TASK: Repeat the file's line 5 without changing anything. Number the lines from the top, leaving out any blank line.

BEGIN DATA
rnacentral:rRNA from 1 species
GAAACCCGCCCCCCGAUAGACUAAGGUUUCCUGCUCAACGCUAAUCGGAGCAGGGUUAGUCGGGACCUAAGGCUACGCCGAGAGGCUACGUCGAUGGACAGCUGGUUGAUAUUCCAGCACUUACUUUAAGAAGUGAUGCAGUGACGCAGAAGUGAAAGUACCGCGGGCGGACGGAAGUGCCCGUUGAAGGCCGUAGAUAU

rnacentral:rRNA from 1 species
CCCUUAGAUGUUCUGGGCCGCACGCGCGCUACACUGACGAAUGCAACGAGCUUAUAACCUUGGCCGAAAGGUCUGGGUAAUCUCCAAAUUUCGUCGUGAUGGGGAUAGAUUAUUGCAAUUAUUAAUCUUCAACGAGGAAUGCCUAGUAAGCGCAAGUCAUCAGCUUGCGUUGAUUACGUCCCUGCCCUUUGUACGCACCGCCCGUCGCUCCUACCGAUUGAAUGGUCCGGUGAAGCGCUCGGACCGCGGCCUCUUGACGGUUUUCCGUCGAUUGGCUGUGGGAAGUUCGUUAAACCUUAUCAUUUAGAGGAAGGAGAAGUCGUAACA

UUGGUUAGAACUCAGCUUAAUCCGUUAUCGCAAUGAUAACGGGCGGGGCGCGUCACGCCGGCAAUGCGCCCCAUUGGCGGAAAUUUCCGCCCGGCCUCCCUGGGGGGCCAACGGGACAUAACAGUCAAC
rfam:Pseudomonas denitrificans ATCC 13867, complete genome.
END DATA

UUGGUUAGAACUCAGCUUAAUCCGUUAUCGCAAUGAUAACGGGCGGGGCGCGUCACGCCGGCAAUGCGCCCCAUUGGCGGAAAUUUCCGCCCGGCCUCCCUGGGGGGCCAACGGGACAUAACAGUCAAC